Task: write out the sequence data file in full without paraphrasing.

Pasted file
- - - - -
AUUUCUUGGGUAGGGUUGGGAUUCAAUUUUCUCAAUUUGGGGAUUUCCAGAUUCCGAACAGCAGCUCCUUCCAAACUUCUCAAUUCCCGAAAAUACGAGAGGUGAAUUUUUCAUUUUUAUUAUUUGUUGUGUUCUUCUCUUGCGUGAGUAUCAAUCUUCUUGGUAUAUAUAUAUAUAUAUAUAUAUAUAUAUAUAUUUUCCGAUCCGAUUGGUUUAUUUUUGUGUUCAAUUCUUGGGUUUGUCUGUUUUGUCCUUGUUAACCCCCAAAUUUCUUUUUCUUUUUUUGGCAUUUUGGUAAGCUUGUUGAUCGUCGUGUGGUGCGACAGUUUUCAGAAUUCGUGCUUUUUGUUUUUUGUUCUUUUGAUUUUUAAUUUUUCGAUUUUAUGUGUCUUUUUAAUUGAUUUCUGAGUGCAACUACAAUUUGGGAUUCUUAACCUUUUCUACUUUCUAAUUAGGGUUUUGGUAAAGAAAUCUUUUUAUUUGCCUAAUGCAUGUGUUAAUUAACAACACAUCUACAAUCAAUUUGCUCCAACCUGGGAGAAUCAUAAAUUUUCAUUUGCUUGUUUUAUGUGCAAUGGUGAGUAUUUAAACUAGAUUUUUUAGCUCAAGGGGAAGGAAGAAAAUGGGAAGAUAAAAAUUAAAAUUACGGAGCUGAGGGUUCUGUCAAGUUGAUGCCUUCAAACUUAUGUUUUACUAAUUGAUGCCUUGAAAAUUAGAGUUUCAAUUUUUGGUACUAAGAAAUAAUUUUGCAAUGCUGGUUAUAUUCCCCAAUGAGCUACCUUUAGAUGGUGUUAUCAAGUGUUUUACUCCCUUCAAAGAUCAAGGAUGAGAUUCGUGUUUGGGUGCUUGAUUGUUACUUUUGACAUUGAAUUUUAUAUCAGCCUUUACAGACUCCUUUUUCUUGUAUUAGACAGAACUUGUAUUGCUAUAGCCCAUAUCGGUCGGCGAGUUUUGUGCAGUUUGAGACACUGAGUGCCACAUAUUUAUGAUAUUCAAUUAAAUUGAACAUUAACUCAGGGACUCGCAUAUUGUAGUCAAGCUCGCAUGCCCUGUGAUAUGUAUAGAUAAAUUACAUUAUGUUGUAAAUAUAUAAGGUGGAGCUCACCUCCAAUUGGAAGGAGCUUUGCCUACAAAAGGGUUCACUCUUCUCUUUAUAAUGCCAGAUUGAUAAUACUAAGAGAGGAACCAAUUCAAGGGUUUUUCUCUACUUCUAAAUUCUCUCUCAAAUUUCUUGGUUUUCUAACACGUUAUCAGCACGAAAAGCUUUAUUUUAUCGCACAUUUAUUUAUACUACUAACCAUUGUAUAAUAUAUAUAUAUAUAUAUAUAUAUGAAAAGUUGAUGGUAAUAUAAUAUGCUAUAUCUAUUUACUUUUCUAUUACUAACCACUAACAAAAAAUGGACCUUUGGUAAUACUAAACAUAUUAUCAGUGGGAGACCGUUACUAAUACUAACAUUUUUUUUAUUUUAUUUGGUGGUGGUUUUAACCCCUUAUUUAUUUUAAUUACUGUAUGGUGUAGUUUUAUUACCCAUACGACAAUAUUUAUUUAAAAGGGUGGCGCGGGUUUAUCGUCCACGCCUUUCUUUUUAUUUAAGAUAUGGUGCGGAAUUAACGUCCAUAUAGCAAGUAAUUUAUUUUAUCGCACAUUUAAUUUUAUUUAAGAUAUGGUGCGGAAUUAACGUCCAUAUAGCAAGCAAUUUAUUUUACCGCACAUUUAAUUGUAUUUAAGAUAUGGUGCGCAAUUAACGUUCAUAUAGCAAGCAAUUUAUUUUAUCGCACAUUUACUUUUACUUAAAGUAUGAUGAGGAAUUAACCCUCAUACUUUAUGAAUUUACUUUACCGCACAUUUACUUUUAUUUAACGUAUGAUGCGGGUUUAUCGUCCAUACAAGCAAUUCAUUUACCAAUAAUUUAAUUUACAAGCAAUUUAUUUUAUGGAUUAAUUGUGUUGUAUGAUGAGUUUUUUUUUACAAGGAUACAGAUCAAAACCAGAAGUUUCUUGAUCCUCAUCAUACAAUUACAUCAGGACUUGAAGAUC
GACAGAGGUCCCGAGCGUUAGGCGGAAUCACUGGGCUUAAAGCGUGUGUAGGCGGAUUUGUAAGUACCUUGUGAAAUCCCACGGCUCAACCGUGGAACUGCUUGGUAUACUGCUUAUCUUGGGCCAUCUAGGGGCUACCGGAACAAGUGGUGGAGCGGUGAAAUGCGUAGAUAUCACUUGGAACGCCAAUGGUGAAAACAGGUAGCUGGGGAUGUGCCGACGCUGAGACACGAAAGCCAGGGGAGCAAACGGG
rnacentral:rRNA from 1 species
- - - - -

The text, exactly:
AUUUCUUGGGUAGGGUUGGGAUUCAAUUUUCUCAAUUUGGGGAUUUCCAGAUUCCGAACAGCAGCUCCUUCCAAACUUCUCAAUUCCCGAAAAUACGAGAGGUGAAUUUUUCAUUUUUAUUAUUUGUUGUGUUCUUCUCUUGCGUGAGUAUCAAUCUUCUUGGUAUAUAUAUAUAUAUAUAUAUAUAUAUAUAUAUUUUCCGAUCCGAUUGGUUUAUUUUUGUGUUCAAUUCUUGGGUUUGUCUGUUUUGUCCUUGUUAACCCCCAAAUUUCUUUUUCUUUUUUUGGCAUUUUGGUAAGCUUGUUGAUCGUCGUGUGGUGCGACAGUUUUCAGAAUUCGUGCUUUUUGUUUUUUGUUCUUUUGAUUUUUAAUUUUUCGAUUUUAUGUGUCUUUUUAAUUGAUUUCUGAGUGCAACUACAAUUUGGGAUUCUUAACCUUUUCUACUUUCUAAUUAGGGUUUUGGUAAAGAAAUCUUUUUAUUUGCCUAAUGCAUGUGUUAAUUAACAACACAUCUACAAUCAAUUUGCUCCAACCUGGGAGAAUCAUAAAUUUUCAUUUGCUUGUUUUAUGUGCAAUGGUGAGUAUUUAAACUAGAUUUUUUAGCUCAAGGGGAAGGAAGAAAAUGGGAAGAUAAAAAUUAAAAUUACGGAGCUGAGGGUUCUGUCAAGUUGAUGCCUUCAAACUUAUGUUUUACUAAUUGAUGCCUUGAAAAUUAGAGUUUCAAUUUUUGGUACUAAGAAAUAAUUUUGCAAUGCUGGUUAUAUUCCCCAAUGAGCUACCUUUAGAUGGUGUUAUCAAGUGUUUUACUCCCUUCAAAGAUCAAGGAUGAGAUUCGUGUUUGGGUGCUUGAUUGUUACUUUUGACAUUGAAUUUUAUAUCAGCCUUUACAGACUCCUUUUUCUUGUAUUAGACAGAACUUGUAUUGCUAUAGCCCAUAUCGGUCGGCGAGUUUUGUGCAGUUUGAGACACUGAGUGCCACAUAUUUAUGAUAUUCAAUUAAAUUGAACAUUAACUCAGGGACUCGCAUAUUGUAGUCAAGCUCGCAUGCCCUGUGAUAUGUAUAGAUAAAUUACAUUAUGUUGUAAAUAUAUAAGGUGGAGCUCACCUCCAAUUGGAAGGAGCUUUGCCUACAAAAGGGUUCACUCUUCUCUUUAUAAUGCCAGAUUGAUAAUACUAAGAGAGGAACCAAUUCAAGGGUUUUUCUCUACUUCUAAAUUCUCUCUCAAAUUUCUUGGUUUUCUAACACGUUAUCAGCACGAAAAGCUUUAUUUUAUCGCACAUUUAUUUAUACUACUAACCAUUGUAUAAUAUAUAUAUAUAUAUAUAUAUAUGAAAAGUUGAUGGUAAUAUAAUAUGCUAUAUCUAUUUACUUUUCUAUUACUAACCACUAACAAAAAAUGGACCUUUGGUAAUACUAAACAUAUUAUCAGUGGGAGACCGUUACUAAUACUAACAUUUUUUUUAUUUUAUUUGGUGGUGGUUUUAACCCCUUAUUUAUUUUAAUUACUGUAUGGUGUAGUUUUAUUACCCAUACGACAAUAUUUAUUUAAAAGGGUGGCGCGGGUUUAUCGUCCACGCCUUUCUUUUUAUUUAAGAUAUGGUGCGGAAUUAACGUCCAUAUAGCAAGUAAUUUAUUUUAUCGCACAUUUAAUUUUAUUUAAGAUAUGGUGCGGAAUUAACGUCCAUAUAGCAAGCAAUUUAUUUUACCGCACAUUUAAUUGUAUUUAAGAUAUGGUGCGCAAUUAACGUUCAUAUAGCAAGCAAUUUAUUUUAUCGCACAUUUACUUUUACUUAAAGUAUGAUGAGGAAUUAACCCUCAUACUUUAUGAAUUUACUUUACCGCACAUUUACUUUUAUUUAACGUAUGAUGCGGGUUUAUCGUCCAUACAAGCAAUUCAUUUACCAAUAAUUUAAUUUACAAGCAAUUUAUUUUAUGGAUUAAUUGUGUUGUAUGAUGAGUUUUUUUUUACAAGGAUACAGAUCAAAACCAGAAGUUUCUUGAUCCUCAUCAUACAAUUACAUCAGGACUUGAAGAUC
GACAGAGGUCCCGAGCGUUAGGCGGAAUCACUGGGCUUAAAGCGUGUGUAGGCGGAUUUGUAAGUACCUUGUGAAAUCCCACGGCUCAACCGUGGAACUGCUUGGUAUACUGCUUAUCUUGGGCCAUCUAGGGGCUACCGGAACAAGUGGUGGAGCGGUGAAAUGCGUAGAUAUCACUUGGAACGCCAAUGGUGAAAACAGGUAGCUGGGGAUGUGCCGACGCUGAGACACGAAAGCCAGGGGAGCAAACGGG
rnacentral:rRNA from 1 species